The exaltation of sex -- or as Hermes refers to it, "this mess of frottage" -- into love baffles the gods: "how they wriggled out of our grasp and somehow became free to forgive each other for all that they are not." Hermes thinks he knows, and that Zeus fails to recognize, that "They love so they may see their pirouetting selves marvellously reflected in the loved one's eyes. It is immortality they are after." Zeus had left Hermes in charge of making sure that "he was not disturbed at his illicit amours" -- copulating with Helen -- so it is Hermes who made sure that Adam was wakeful and left his wife's bed.
Helen, we learn, has miscarried a year ago, but she has managed to reconcile herself to the loss in part by transferring some of her maternal emotions toward Adam, who "wants to be his father, reducing life to a set of sums. But Adam is softer than his father, and younger than the old man ever could have been, and love, not logic, is his weakness." Zeus has made her think that he is Adam while at the same time wanting her to think he is her lover and not her husband, so he tries to persuade her to remember him as separate from Adam -- and fails. Hermes observes,
It seems worse for him each time, which is supposed to be impossible since nothing may change in our changeless world, either for good or ill. Perhaps he really is dying, perhaps the pursuit of love is killing him, and this is why he so fiercely persists, because he longs for it to kill him. A dying god! And the god of gods, at that! Ah, mortals, hae a care and look to your souls, for if he goes, everything goes with him, bang, crash and done with at last, his Liebestod become a Götterdämmerung.Hermes has played hooky from his duties, however, and visited Ivy Blount in her cottage, disguising himself as Adrian Duffy, the cowman. Ivy is suspicious of Duffy because she suspects he is after her cottage, "a grim two-storeyed edifice with a steep-pitched slate roof and narrow, arched window-frames painted a shiny and peculiarly unpleasant, even sinister, shade of blackish green.... Those green window-frames are still troubling me, I wonder why." We learn that although "Ivy's face is long and sharp and her unruly brown hair resembles a rook's nest [and] the first blush of youth has long ago faded from her cheeks, she is possessed of a peculiar, subtle beauty." Moreover, she "has a sweet voice, ... light and mellow" and "used to speak three or four languages, thanks to her time at a Swiss finishing school" that she was forced to leave "when the family's fortunes went wallop."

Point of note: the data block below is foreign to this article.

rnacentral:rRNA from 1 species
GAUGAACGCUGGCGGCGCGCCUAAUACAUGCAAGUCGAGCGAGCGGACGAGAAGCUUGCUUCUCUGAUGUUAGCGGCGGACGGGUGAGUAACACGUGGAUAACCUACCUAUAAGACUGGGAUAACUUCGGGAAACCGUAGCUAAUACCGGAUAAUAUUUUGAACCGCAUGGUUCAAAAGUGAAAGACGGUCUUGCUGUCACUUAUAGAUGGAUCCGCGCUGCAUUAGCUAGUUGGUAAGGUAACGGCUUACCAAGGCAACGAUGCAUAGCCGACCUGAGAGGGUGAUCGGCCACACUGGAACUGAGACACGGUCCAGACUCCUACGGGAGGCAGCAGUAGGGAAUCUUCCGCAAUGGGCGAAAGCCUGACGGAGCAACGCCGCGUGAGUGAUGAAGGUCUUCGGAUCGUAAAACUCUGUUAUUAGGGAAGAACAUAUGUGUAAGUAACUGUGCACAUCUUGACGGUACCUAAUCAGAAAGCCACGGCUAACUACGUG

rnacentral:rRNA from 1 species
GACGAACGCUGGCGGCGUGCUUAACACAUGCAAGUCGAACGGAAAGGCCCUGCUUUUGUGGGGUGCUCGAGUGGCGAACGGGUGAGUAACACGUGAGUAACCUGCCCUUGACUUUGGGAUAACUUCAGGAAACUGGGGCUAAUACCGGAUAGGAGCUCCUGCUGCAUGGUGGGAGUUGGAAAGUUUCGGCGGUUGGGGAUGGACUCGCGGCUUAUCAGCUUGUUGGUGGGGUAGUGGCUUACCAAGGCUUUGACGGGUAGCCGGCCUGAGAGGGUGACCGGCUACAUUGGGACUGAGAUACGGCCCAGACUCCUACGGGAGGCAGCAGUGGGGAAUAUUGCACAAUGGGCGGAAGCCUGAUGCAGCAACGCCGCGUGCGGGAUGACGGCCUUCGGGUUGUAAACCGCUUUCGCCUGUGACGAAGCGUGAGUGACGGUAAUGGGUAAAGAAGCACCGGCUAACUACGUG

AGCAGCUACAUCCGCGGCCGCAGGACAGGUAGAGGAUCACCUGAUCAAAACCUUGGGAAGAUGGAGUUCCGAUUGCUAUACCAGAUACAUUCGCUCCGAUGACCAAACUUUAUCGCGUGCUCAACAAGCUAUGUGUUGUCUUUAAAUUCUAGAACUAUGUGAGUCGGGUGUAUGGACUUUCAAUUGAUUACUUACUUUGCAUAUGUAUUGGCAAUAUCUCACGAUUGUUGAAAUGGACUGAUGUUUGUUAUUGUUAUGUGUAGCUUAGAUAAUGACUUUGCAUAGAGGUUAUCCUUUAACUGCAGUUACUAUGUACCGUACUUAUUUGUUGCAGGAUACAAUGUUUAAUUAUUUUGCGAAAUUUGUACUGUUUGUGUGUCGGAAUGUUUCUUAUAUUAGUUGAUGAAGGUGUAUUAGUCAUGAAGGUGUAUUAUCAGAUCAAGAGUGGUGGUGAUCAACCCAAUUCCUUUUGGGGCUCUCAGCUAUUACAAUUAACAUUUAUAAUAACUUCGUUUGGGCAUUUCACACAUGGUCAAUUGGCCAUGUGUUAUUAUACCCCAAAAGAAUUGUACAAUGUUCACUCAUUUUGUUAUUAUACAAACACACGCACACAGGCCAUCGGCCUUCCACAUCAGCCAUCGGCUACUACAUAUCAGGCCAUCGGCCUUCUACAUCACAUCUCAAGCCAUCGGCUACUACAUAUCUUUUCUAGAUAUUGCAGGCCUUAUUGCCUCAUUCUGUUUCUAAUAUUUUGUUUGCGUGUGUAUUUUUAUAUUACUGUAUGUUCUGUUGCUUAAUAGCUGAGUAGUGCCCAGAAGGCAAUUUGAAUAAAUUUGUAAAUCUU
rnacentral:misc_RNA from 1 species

Hermes/Duffy takes a swig from a mug of milk that turns out to be sour. "I had never tasted sour milk before; I shall not taste it again." We learn that Duffy, too, has a cottage on the other side of the hill that he used to share with his mother, "a rough-edged baggage generally considered to have been a witch" until she died last year. Duffy/Hermes tells her it needs a new roof, which confirms her suspicion that he has his eye on her house. So she thwarts any designs he may have made: "'If you have something to say to me,' she said, in a voice that had a noticeable shake to it, 'come out and say it, then.'" But Hermes "had nothing to say. I was just amusing myself, toying with one of my creatures, as so often is the way."